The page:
What are your non-negotiables in life?

Emily: There’s no better feeling for me than putting my kids to sleep. My second non-negotiable is me-time on the weekends. My husband gets up and takes care of breakfast for the kids and I stay in bed.

Hillary: I leave for work before my kid wakes up and I work on a few projects after he goes to sleep but I have two hours out of the day that are for me and him. It’s our uninterrupted time to spend together.

Jen: I never had a non-negotiable before I had kid. But looking back, I should have had one. I didn’t realize the amount of time I had before I had kids.

Culturally, how do you feel that the culture of companies has changed over the years?

Kate: Even just ten years ago, people didn’t really talk about their home life at work. Now we see that it’s important to create a culture where you can bring your whole self to work.  

Hillary: There are things in everybody’s life that are different. It’s okay to say I had a stressful week at work, and something fell through the cracks. We are knocking down the rules about what you can and cannot say. We have people at Prosek who leave work early to pick up their kids or go to little league games – that’s a conversation that you can have now.  

Who has been a key influence on your life?

Emily: I had a mom that climbed the corporate ladder growing up. She was an inspiration.

Kate: She’ll hate me for saying it, but Caroline (Harris) is a role model for me. Caroline and I share an office and, before I had kids of my own, I sat next to Caroline while she went through the process of starting a family and coming back to work. I saw that she could be a Partner at the firm, a mom and a wife, and make it all work. It’s one thing to talk about how it’s possible, and another to see it.

Netanel: My mom is my role model. She was a stay-at-home mom and then she went back to work when I got older. My mom has progressive ideas but was also a stay-at-home mom. I often reflect on the role she has had on my life, how her value has truly been instructive.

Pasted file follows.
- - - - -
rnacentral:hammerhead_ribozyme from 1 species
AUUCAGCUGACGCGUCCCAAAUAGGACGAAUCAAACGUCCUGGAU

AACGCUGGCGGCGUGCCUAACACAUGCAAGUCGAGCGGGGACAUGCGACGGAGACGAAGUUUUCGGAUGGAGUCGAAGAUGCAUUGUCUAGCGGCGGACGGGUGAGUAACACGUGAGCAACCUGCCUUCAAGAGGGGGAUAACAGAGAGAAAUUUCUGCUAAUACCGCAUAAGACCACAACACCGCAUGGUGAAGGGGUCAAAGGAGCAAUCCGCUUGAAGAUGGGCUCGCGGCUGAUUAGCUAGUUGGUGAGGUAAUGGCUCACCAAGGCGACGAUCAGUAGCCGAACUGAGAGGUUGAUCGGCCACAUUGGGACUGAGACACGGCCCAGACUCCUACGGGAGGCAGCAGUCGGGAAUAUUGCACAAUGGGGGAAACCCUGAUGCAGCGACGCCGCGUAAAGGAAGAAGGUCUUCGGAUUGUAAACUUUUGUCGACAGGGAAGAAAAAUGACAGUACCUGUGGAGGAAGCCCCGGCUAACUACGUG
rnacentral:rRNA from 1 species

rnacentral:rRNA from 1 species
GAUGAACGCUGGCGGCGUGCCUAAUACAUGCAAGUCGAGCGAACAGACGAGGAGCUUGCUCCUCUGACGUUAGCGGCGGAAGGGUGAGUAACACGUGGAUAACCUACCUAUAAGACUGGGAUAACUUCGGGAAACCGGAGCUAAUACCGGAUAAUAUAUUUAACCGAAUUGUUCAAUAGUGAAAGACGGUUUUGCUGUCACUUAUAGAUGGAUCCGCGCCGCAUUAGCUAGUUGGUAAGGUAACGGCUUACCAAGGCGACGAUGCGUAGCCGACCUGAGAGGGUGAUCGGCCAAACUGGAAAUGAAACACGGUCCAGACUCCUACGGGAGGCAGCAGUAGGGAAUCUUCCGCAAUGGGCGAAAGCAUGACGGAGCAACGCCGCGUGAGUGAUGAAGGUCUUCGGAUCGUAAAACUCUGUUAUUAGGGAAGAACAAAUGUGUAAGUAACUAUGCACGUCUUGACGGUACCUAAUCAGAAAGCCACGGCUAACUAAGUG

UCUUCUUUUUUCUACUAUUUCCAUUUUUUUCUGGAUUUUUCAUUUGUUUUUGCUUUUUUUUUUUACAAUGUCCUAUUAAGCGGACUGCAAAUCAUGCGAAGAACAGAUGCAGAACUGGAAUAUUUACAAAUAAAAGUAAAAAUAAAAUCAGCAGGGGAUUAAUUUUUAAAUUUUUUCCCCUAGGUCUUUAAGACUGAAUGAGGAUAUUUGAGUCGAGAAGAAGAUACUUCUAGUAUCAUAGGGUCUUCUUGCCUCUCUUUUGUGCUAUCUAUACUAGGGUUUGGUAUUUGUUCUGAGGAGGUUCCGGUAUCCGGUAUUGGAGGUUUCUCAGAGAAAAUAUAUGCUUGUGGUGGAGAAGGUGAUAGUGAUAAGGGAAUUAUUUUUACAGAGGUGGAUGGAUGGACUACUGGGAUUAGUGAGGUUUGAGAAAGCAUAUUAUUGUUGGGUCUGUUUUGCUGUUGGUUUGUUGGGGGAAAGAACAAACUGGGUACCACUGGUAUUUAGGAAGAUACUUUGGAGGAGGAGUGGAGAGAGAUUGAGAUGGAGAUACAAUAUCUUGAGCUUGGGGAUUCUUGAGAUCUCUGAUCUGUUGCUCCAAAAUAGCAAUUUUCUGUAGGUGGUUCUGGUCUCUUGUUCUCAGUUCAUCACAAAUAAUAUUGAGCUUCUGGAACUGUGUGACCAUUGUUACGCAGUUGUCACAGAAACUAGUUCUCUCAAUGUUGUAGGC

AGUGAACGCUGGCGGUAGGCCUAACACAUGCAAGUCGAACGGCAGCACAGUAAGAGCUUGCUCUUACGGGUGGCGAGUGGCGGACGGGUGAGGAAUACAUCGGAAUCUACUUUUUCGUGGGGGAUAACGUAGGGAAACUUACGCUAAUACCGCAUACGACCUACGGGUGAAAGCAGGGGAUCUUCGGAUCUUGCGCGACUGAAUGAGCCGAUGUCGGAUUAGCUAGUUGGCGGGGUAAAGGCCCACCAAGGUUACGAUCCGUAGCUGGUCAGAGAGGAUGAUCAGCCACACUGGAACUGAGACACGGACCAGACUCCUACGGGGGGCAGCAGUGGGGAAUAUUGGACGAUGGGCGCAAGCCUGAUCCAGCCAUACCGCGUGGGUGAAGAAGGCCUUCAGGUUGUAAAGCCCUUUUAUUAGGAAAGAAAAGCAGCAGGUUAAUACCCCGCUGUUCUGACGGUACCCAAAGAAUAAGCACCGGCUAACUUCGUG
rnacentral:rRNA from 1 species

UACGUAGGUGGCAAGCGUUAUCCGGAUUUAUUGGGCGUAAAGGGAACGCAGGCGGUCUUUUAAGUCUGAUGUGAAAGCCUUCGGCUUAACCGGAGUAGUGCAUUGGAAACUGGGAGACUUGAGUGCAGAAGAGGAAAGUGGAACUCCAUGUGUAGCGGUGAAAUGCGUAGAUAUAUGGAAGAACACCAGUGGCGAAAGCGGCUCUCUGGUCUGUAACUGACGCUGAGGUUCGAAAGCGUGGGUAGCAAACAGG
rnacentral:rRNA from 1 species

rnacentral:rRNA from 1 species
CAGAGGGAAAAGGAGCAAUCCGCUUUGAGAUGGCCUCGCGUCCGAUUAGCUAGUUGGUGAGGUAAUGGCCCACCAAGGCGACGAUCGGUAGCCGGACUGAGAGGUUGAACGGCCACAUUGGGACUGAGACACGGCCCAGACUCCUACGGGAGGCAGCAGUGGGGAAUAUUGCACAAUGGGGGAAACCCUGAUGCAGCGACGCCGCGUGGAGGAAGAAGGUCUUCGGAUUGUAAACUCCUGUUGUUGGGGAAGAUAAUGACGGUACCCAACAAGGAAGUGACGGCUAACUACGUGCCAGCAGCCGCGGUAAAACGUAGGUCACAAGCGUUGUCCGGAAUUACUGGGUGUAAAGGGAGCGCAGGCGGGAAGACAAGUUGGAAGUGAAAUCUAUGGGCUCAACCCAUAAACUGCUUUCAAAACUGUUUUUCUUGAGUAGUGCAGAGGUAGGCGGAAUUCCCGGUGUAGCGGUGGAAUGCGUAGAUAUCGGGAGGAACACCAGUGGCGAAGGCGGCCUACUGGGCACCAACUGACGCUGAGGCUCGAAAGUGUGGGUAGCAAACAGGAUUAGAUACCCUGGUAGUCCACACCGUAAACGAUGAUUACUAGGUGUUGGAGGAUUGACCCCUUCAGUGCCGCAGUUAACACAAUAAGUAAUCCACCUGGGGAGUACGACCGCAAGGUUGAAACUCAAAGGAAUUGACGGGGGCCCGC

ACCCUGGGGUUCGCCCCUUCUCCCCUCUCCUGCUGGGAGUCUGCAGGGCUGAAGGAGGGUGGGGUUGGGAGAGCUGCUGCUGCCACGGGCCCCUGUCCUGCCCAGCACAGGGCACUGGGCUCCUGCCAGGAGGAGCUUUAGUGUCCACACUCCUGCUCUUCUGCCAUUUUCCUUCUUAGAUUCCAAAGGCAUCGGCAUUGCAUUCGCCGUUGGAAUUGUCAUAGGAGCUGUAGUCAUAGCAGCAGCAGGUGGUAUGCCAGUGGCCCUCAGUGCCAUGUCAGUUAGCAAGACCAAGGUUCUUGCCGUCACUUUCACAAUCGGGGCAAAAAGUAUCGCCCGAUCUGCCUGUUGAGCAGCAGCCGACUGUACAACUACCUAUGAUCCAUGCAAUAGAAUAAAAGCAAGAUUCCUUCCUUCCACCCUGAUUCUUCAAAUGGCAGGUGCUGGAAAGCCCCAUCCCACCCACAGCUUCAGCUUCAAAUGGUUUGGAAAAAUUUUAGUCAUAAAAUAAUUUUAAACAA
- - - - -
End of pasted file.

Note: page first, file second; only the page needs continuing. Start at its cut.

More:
What are your non-negotiables outside of child care?  

Kate: I’m a little bit of a nerd and really like academia. Prosek allowed me to flex my schedule so that I could become an adjunct professor at Fairfield University and pursue my passion.

Hillary: I’m still working on having moments where I remember who I was before I had my child. I love going to the movies by myself. I still like to carve out those 2-hour moments when I can. It doesn’t sound like a lot, but it makes a difference.  

Parting thoughts or advice?

Jen: I’d say that having young children is actually the honeymoon stage. Once they hit homework, you’re cooked! I had this ‘guilty mommy syndrome’ when my child was young, so I didn’t want to travel. Looking back, they (young children) don’t know and they don’t care if you travel for a few days. In the end, you may not have quantity of time, but quality is everything - so live in the moment.

Net: Your balance needs to constantly be evaluated. You can think there’s balance, but when you step back, it’s not what you hoped or thought. Constantly evaluate.

Hillary: They say it takes a village but it’s really about building a village. Find people that are a positive influence on your life and can help make your quest for balance easier.

Emily: Establish boundaries. Mandate what comes in what goes out.

Kate: It’s important to find your tribe and accept support when you need it.